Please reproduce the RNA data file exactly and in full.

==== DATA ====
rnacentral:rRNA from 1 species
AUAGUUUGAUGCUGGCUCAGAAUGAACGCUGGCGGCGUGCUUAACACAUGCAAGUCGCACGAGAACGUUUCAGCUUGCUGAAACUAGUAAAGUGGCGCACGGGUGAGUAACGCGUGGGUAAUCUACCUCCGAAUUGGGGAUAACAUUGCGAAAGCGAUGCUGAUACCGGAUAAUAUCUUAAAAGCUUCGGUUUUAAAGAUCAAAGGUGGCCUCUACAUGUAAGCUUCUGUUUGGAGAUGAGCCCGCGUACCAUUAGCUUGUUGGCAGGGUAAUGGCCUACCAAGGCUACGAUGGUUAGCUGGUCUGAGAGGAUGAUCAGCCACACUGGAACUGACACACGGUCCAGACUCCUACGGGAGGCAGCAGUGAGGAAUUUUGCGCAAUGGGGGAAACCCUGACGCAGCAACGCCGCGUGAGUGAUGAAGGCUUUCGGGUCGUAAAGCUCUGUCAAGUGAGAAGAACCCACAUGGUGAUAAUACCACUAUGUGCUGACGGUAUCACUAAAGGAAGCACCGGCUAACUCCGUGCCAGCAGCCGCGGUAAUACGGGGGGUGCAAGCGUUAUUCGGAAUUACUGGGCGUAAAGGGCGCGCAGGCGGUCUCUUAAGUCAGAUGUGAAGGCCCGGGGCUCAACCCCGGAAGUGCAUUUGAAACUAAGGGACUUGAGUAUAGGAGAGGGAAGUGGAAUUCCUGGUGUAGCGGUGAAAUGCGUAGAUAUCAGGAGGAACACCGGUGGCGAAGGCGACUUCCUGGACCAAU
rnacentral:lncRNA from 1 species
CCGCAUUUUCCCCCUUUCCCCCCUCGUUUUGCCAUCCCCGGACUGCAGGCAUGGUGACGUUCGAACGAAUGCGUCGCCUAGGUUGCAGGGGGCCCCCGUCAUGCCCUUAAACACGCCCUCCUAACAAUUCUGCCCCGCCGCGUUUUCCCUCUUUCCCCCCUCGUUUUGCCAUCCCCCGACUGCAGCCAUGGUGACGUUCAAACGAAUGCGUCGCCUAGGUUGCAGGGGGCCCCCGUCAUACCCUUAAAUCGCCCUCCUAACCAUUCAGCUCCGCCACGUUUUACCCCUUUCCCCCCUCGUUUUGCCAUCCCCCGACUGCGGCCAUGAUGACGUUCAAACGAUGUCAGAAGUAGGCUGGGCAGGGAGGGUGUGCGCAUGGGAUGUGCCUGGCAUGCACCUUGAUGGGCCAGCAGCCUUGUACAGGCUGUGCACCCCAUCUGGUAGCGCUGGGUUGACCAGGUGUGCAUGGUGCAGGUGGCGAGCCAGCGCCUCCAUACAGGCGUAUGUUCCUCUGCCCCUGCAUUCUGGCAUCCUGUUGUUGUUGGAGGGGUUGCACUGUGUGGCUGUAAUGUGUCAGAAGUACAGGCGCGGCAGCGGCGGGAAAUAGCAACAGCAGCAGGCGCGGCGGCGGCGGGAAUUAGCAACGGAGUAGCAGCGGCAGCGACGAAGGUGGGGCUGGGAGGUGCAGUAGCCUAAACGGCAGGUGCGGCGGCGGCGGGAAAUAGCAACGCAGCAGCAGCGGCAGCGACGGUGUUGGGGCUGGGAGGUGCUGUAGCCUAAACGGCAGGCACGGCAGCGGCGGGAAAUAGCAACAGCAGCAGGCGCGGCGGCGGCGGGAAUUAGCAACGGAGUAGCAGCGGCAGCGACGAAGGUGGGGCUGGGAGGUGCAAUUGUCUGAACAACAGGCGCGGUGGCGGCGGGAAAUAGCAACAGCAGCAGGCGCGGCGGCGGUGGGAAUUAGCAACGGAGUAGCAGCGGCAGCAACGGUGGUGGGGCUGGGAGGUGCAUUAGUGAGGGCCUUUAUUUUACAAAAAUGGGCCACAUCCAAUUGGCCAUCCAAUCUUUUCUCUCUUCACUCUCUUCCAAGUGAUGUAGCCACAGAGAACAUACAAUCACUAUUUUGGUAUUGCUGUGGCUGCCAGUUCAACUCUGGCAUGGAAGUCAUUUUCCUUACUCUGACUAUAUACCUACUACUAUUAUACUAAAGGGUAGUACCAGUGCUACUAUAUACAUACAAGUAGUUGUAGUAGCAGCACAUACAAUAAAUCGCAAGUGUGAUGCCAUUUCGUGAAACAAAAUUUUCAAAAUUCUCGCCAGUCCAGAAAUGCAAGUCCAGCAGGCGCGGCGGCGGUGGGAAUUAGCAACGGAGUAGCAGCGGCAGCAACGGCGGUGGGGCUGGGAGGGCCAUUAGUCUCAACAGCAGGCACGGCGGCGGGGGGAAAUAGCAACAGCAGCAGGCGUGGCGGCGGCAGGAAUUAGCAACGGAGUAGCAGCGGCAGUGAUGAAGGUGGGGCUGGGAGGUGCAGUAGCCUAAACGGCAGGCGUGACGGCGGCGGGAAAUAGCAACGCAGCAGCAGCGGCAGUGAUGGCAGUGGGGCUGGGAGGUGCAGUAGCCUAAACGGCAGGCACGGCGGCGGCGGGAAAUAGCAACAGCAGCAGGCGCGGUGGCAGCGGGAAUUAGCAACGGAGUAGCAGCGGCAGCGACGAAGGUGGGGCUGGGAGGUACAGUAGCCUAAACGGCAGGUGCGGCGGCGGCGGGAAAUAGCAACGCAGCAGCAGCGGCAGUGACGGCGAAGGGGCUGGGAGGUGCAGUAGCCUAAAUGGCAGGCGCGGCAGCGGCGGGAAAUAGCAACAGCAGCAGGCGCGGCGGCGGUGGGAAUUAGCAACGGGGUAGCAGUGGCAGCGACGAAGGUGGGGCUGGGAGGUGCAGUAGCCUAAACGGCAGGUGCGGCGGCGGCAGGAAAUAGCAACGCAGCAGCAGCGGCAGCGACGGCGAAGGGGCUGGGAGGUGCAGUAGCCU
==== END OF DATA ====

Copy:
rnacentral:rRNA from 1 species
AUAGUUUGAUGCUGGCUCAGAAUGAACGCUGGCGGCGUGCUUAACACAUGCAAGUCGCACGAGAACGUUUCAGCUUGCUGAAACUAGUAAAGUGGCGCACGGGUGAGUAACGCGUGGGUAAUCUACCUCCGAAUUGGGGAUAACAUUGCGAAAGCGAUGCUGAUACCGGAUAAUAUCUUAAAAGCUUCGGUUUUAAAGAUCAAAGGUGGCCUCUACAUGUAAGCUUCUGUUUGGAGAUGAGCCCGCGUACCAUUAGCUUGUUGGCAGGGUAAUGGCCUACCAAGGCUACGAUGGUUAGCUGGUCUGAGAGGAUGAUCAGCCACACUGGAACUGACACACGGUCCAGACUCCUACGGGAGGCAGCAGUGAGGAAUUUUGCGCAAUGGGGGAAACCCUGACGCAGCAACGCCGCGUGAGUGAUGAAGGCUUUCGGGUCGUAAAGCUCUGUCAAGUGAGAAGAACCCACAUGGUGAUAAUACCACUAUGUGCUGACGGUAUCACUAAAGGAAGCACCGGCUAACUCCGUGCCAGCAGCCGCGGUAAUACGGGGGGUGCAAGCGUUAUUCGGAAUUACUGGGCGUAAAGGGCGCGCAGGCGGUCUCUUAAGUCAGAUGUGAAGGCCCGGGGCUCAACCCCGGAAGUGCAUUUGAAACUAAGGGACUUGAGUAUAGGAGAGGGAAGUGGAAUUCCUGGUGUAGCGGUGAAAUGCGUAGAUAUCAGGAGGAACACCGGUGGCGAAGGCGACUUCCUGGACCAAU
rnacentral:lncRNA from 1 species
CCGCAUUUUCCCCCUUUCCCCCCUCGUUUUGCCAUCCCCGGACUGCAGGCAUGGUGACGUUCGAACGAAUGCGUCGCCUAGGUUGCAGGGGGCCCCCGUCAUGCCCUUAAACACGCCCUCCUAACAAUUCUGCCCCGCCGCGUUUUCCCUCUUUCCCCCCUCGUUUUGCCAUCCCCCGACUGCAGCCAUGGUGACGUUCAAACGAAUGCGUCGCCUAGGUUGCAGGGGGCCCCCGUCAUACCCUUAAAUCGCCCUCCUAACCAUUCAGCUCCGCCACGUUUUACCCCUUUCCCCCCUCGUUUUGCCAUCCCCCGACUGCGGCCAUGAUGACGUUCAAACGAUGUCAGAAGUAGGCUGGGCAGGGAGGGUGUGCGCAUGGGAUGUGCCUGGCAUGCACCUUGAUGGGCCAGCAGCCUUGUACAGGCUGUGCACCCCAUCUGGUAGCGCUGGGUUGACCAGGUGUGCAUGGUGCAGGUGGCGAGCCAGCGCCUCCAUACAGGCGUAUGUUCCUCUGCCCCUGCAUUCUGGCAUCCUGUUGUUGUUGGAGGGGUUGCACUGUGUGGCUGUAAUGUGUCAGAAGUACAGGCGCGGCAGCGGCGGGAAAUAGCAACAGCAGCAGGCGCGGCGGCGGCGGGAAUUAGCAACGGAGUAGCAGCGGCAGCGACGAAGGUGGGGCUGGGAGGUGCAGUAGCCUAAACGGCAGGUGCGGCGGCGGCGGGAAAUAGCAACGCAGCAGCAGCGGCAGCGACGGUGUUGGGGCUGGGAGGUGCUGUAGCCUAAACGGCAGGCACGGCAGCGGCGGGAAAUAGCAACAGCAGCAGGCGCGGCGGCGGCGGGAAUUAGCAACGGAGUAGCAGCGGCAGCGACGAAGGUGGGGCUGGGAGGUGCAAUUGUCUGAACAACAGGCGCGGUGGCGGCGGGAAAUAGCAACAGCAGCAGGCGCGGCGGCGGUGGGAAUUAGCAACGGAGUAGCAGCGGCAGCAACGGUGGUGGGGCUGGGAGGUGCAUUAGUGAGGGCCUUUAUUUUACAAAAAUGGGCCACAUCCAAUUGGCCAUCCAAUCUUUUCUCUCUUCACUCUCUUCCAAGUGAUGUAGCCACAGAGAACAUACAAUCACUAUUUUGGUAUUGCUGUGGCUGCCAGUUCAACUCUGGCAUGGAAGUCAUUUUCCUUACUCUGACUAUAUACCUACUACUAUUAUACUAAAGGGUAGUACCAGUGCUACUAUAUACAUACAAGUAGUUGUAGUAGCAGCACAUACAAUAAAUCGCAAGUGUGAUGCCAUUUCGUGAAACAAAAUUUUCAAAAUUCUCGCCAGUCCAGAAAUGCAAGUCCAGCAGGCGCGGCGGCGGUGGGAAUUAGCAACGGAGUAGCAGCGGCAGCAACGGCGGUGGGGCUGGGAGGGCCAUUAGUCUCAACAGCAGGCACGGCGGCGGGGGGAAAUAGCAACAGCAGCAGGCGUGGCGGCGGCAGGAAUUAGCAACGGAGUAGCAGCGGCAGUGAUGAAGGUGGGGCUGGGAGGUGCAGUAGCCUAAACGGCAGGCGUGACGGCGGCGGGAAAUAGCAACGCAGCAGCAGCGGCAGUGAUGGCAGUGGGGCUGGGAGGUGCAGUAGCCUAAACGGCAGGCACGGCGGCGGCGGGAAAUAGCAACAGCAGCAGGCGCGGUGGCAGCGGGAAUUAGCAACGGAGUAGCAGCGGCAGCGACGAAGGUGGGGCUGGGAGGUACAGUAGCCUAAACGGCAGGUGCGGCGGCGGCGGGAAAUAGCAACGCAGCAGCAGCGGCAGUGACGGCGAAGGGGCUGGGAGGUGCAGUAGCCUAAAUGGCAGGCGCGGCAGCGGCGGGAAAUAGCAACAGCAGCAGGCGCGGCGGCGGUGGGAAUUAGCAACGGGGUAGCAGUGGCAGCGACGAAGGUGGGGCUGGGAGGUGCAGUAGCCUAAACGGCAGGUGCGGCGGCGGCAGGAAAUAGCAACGCAGCAGCAGCGGCAGCGACGGCGAAGGGGCUGGGAGGUGCAGUAGCCU